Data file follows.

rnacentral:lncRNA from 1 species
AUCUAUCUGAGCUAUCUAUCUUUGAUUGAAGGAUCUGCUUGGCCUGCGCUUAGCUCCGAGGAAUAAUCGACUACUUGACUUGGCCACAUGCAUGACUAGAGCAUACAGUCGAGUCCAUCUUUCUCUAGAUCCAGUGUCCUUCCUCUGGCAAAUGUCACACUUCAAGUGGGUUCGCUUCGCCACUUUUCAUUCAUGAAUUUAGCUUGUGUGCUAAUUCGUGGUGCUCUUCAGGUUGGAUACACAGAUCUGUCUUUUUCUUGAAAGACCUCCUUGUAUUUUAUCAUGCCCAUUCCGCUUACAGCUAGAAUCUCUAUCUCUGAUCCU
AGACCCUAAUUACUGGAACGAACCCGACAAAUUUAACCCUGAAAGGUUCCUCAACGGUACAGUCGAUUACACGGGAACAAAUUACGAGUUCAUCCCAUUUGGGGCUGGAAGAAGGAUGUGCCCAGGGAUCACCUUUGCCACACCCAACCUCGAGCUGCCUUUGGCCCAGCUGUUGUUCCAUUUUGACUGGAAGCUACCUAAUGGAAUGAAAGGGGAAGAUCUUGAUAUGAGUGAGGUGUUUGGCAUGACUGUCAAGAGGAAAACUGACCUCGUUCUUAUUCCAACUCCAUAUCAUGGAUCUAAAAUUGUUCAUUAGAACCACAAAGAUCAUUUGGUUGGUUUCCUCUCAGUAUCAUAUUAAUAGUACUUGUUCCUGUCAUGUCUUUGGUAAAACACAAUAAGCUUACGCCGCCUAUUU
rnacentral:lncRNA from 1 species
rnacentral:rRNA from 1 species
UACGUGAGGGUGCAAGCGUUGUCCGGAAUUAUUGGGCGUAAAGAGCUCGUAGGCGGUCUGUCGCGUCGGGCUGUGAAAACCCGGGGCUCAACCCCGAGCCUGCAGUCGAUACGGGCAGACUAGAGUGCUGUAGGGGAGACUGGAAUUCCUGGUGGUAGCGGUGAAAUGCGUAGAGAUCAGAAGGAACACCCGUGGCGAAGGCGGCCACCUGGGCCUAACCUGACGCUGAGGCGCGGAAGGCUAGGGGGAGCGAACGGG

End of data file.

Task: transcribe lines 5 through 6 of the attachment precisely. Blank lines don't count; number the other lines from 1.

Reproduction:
rnacentral:rRNA from 1 species
UACGUGAGGGUGCAAGCGUUGUCCGGAAUUAUUGGGCGUAAAGAGCUCGUAGGCGGUCUGUCGCGUCGGGCUGUGAAAACCCGGGGCUCAACCCCGAGCCUGCAGUCGAUACGGGCAGACUAGAGUGCUGUAGGGGAGACUGGAAUUCCUGGUGGUAGCGGUGAAAUGCGUAGAGAUCAGAAGGAACACCCGUGGCGAAGGCGGCCACCUGGGCCUAACCUGACGCUGAGGCGCGGAAGGCUAGGGGGAGCGAACGGG